I spend a lot of time searching for the right spot in the city. On the highway coming into Ordos, I noticed the stadium and it looked spectacular. So I decided to drive off the highway and get out and walk around it. Then I found there was a hill beside it, and thought it might have a better view. When I arrived at the top of the hill, I thought this was it.
How did you choose the characters to be part of your work?
Every time I have a different theme. This time, I wanted to find very good-looking, young Mongolian people. I didn’t have enough time to go to every place, so I just tried to find the best characters from what I encountered and invited them to be part of my work.
What I find very interesting in the characters you chose is the young couple: a young man and woman dressed in traditional Mongolian attire. They are like what tourists expect to see when they come to town: a perfect selfie from a Mongolian visit with local people wearing their very traditional clothing. This is not everyday attire for these characters, but costumes they wear to pose for tourists in order to make their living. You can find this in New York, Paris, Venice, Rome, Barcelona…
Right now everything can be painted. Traditionally people can paint their real life and how they act in their real life instead of how they pose in front of tourists for photographs. For example, the people who dress like gladiators standing in front of the Colosseum in Rome, I would not know how to paint them. But now, the purpose of painting is not to restore real life. As long as you find some interesting points, you can even paint people posing. I painted this young Mongolian couple not to restore their everyday life, but as a symbol of Mongolian life. Different work has a different focus.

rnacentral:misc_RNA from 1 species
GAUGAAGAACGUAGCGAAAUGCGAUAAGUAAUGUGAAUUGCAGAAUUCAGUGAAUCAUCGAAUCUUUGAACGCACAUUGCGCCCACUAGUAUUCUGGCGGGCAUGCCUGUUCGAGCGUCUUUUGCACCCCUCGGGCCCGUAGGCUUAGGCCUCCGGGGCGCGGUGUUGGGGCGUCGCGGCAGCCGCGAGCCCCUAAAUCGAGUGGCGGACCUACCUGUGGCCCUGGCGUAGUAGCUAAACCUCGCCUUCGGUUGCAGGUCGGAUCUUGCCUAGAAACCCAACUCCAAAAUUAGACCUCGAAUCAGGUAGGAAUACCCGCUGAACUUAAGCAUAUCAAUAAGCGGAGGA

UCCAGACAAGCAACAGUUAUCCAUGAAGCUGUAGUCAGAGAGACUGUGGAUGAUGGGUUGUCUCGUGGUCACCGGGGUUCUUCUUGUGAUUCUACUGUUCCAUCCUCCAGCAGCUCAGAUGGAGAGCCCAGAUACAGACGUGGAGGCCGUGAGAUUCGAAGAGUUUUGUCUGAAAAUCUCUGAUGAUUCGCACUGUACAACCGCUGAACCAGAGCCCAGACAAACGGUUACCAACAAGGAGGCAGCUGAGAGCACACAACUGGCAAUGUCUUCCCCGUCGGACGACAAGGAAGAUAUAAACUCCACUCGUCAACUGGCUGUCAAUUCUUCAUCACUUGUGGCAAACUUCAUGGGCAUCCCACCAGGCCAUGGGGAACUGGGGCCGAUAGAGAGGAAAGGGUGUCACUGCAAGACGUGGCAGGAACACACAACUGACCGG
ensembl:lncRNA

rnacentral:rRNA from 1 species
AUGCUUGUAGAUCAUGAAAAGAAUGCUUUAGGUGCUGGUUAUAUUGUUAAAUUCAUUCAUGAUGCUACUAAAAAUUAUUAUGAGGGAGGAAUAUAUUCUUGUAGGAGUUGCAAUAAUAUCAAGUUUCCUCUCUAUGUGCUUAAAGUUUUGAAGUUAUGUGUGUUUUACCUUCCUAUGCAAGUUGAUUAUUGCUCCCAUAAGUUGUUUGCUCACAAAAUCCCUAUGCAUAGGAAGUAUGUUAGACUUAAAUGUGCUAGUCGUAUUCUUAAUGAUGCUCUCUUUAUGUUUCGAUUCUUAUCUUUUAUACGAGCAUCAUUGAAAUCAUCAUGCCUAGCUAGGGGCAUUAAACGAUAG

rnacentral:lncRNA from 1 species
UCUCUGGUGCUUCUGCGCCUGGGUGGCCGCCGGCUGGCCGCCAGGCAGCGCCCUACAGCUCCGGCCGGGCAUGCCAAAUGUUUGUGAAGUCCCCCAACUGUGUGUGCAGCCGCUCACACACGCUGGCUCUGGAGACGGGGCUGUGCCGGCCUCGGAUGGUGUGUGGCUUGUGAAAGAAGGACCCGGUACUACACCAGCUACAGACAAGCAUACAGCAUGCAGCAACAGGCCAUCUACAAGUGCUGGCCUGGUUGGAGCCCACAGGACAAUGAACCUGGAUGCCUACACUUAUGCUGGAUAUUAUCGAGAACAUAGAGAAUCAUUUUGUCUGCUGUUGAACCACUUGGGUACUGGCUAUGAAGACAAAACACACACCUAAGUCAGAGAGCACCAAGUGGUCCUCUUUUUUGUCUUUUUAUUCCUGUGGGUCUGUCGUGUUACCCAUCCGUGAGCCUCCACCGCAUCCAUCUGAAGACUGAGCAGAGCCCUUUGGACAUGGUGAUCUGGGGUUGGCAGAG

We could say that it raises another question. Is there a room for disappearing tradition in fast urban development? What should we do about this?
This is a big question. In today’s society, everyone is packed together in a huge wheel moving forward. However, some traditions can get left behind. No one in the world is able to maintain all the traditions and, even if they did so, some of them would become tourist products. However, if we do not protect the traditions, our wheel and movement will become more and more boring. As an artist, I feel very hopeless and sad to witness this disappearance and loss, and I paint to document how I feel.
In one painting, the old man with the horse is slowly disappearing and fading into the background. It seems to symbolise that the nomadic way of life is leaving us. Horses are often part of your vocabulary, and appear in some of your previous work. Why?
Since our contemporary bodies cannot endure the rigorous lifestyle of tribal people, we still need to keep the spirit of a nomadic style. Our spirit doesn’t like to be trapped in one place; it needs to be free. Otherwise we human beings will reach our end. The horse, in this sense, is a symbol of nomadic spirit.
Three big paintings created in three different locations at three different times. Why?
It is like a war between agricultural society and industrial society. The people standing for agricultural society are like Don Quixote, fighting against industrial civilisation. They fight in the morning and in the afternoon, and when the industrial society is sleeping at night, the agricultural society thinks they have won. The truth is they are completely defeated. They are just self-comforting.